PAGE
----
Athletics has been mired in a blood doping scandal after it was claimed endurance athletes cheated their way to the podium at events including the Olympics and world championships.
A cache of data handed to The Sunday Times newspaper by an International Association of Athletics Federation (IAAF) whistleblower lifts the lid on dubious test results by some of the world's top competitors.
The newspaper and German broadcaster ARD/WDR were given more than 12,000 blood tests from 5,000 competitors who crossed the finish line at events between 2001 and 2012.
The data claims one third of medals, including 55 golds, were won by more than 800 athletes with either suspicious or abnormal blood results.
Russia is said to be the worst offender while a dozen British athletes are reported to have scored abnormal levels of red blood cells -- vital to transporting oxygen to parts of the body used to create energy.
Experts say alarm bells should have rang when Russia's Tatyana Tomashova, Yulia Chizenko-Fomenko and Olga Yegorova romped to gold, silver and bronze medals at the 2005 world championships in Helsinki.
An expert told the Sunday Times the chances of Tomashova's result being natural was close to 100,000-1, while Chizenko, who later had her medal stripped for pushing an opponent, was judged to be a million-to-one chance of winning clean.
IBTimes UK looks at ways of blood doping and what the effects can be:
What is blood doping?
The World Anti-Doping Agency defines blood doping as:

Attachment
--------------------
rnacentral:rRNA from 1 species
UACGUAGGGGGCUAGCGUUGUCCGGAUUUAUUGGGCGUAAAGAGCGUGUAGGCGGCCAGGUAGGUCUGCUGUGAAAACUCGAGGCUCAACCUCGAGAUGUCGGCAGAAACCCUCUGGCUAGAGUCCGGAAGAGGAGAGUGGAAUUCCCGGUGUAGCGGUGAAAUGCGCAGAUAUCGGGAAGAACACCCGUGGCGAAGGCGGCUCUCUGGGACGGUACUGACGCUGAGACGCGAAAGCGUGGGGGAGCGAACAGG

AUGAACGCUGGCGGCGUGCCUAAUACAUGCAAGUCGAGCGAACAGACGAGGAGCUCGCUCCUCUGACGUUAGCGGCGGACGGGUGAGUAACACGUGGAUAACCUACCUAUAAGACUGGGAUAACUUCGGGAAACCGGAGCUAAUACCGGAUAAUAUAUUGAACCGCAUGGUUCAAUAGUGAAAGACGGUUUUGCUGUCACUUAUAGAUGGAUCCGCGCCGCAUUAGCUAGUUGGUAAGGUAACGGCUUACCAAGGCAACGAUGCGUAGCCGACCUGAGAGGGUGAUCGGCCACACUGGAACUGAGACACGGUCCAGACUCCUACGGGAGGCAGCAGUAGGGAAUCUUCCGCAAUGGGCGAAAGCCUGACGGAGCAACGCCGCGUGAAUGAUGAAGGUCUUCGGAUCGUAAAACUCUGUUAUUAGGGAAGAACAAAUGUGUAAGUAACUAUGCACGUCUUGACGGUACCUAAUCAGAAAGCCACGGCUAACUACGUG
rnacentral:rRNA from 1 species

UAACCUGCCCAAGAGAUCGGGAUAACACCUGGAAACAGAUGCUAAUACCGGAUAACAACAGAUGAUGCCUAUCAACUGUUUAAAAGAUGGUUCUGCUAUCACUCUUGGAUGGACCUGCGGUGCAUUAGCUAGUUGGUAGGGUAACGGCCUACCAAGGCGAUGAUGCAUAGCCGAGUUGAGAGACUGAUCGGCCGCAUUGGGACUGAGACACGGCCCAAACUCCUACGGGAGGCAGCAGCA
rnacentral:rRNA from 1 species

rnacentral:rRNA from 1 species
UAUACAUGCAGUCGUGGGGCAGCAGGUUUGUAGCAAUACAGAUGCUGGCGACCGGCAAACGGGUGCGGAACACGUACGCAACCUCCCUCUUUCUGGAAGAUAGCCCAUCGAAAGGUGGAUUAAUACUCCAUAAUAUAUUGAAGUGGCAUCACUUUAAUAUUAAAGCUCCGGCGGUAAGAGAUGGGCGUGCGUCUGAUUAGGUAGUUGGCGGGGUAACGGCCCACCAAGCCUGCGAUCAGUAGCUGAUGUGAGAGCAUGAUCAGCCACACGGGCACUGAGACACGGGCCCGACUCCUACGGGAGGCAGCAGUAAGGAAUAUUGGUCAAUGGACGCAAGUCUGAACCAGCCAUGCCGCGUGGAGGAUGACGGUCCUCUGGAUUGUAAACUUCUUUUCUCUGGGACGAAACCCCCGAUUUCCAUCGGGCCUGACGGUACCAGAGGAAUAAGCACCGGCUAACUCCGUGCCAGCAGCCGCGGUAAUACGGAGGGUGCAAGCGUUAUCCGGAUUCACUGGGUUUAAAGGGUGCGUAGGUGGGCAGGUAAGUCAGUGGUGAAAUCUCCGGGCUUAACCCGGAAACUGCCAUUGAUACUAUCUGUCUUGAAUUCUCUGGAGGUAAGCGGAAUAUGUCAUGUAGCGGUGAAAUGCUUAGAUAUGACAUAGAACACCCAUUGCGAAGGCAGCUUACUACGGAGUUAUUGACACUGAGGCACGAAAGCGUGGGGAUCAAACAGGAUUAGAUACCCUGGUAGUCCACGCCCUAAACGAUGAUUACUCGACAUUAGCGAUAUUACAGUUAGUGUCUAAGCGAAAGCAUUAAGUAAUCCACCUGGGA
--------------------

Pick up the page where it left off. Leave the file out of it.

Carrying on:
...the misuse of certain techniques and/or substances to increase one's red blood cell mass, which allows the body to transport more oxygen to muscles and therefore increase stamina and performance.
Why do athletes do it?
The body uses more oxygen during exercise. Oxygen is important because it breaks down glucose and and turns it into energy. It attaches itself to haemoglobin, which is found inside red blood cells.
The purpose of blood doping is to increase the quantity of haemoglobin, which then carries the oxygen to muscles. Athletes eventually exhaust their oxygen reserves so blood dopers increase their levels of red blood cells.
How do they do it?
The process is usually performed in one of three ways: erythropoietin (EPO), synthetic oxygen carriers and blood transfusions.
EPO is a hormone that creates more red blood cells and is usually injected. The transfusion process starts weeks before a race when an athlete would extract about 450ml of their blood to refrigerate. The body try to naturally replace these red blood cells before it is eventually replenished.
Then days before a race, the original blood sample is transfused back into the athlete, increasing red blood cell count.
Synthetic oxygen carriers are proteins or chemicals that have the ability to carry oxygen.
What are the effects?
Scientists believe blood doping can shave seconds of a 1,500m runner's time and can be the difference between a 10th and first place berth.
But there are serious medical consequences. With blood transfusions, another person's blood may contain a virus.
An athlete that used their own blood can put themselves at significant health risks if the procedure is not done properly, while unnaturally high red blood cell levels increase the risk of heart attack, stroke, and pulmonary or cerebral embolism.